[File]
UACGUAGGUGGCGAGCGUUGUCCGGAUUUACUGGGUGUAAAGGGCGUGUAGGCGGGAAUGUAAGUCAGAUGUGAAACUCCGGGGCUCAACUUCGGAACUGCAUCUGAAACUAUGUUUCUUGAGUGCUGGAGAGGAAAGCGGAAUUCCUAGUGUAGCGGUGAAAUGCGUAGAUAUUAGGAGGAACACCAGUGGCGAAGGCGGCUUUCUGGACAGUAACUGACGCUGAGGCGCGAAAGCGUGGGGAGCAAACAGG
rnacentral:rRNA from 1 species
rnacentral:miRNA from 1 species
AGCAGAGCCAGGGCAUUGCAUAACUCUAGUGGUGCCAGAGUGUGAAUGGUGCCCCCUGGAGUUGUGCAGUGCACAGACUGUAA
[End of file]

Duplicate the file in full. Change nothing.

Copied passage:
UACGUAGGUGGCGAGCGUUGUCCGGAUUUACUGGGUGUAAAGGGCGUGUAGGCGGGAAUGUAAGUCAGAUGUGAAACUCCGGGGCUCAACUUCGGAACUGCAUCUGAAACUAUGUUUCUUGAGUGCUGGAGAGGAAAGCGGAAUUCCUAGUGUAGCGGUGAAAUGCGUAGAUAUUAGGAGGAACACCAGUGGCGAAGGCGGCUUUCUGGACAGUAACUGACGCUGAGGCGCGAAAGCGUGGGGAGCAAACAGG
rnacentral:rRNA from 1 species
rnacentral:miRNA from 1 species
AGCAGAGCCAGGGCAUUGCAUAACUCUAGUGGUGCCAGAGUGUGAAUGGUGCCCCCUGGAGUUGUGCAGUGCACAGACUGUAA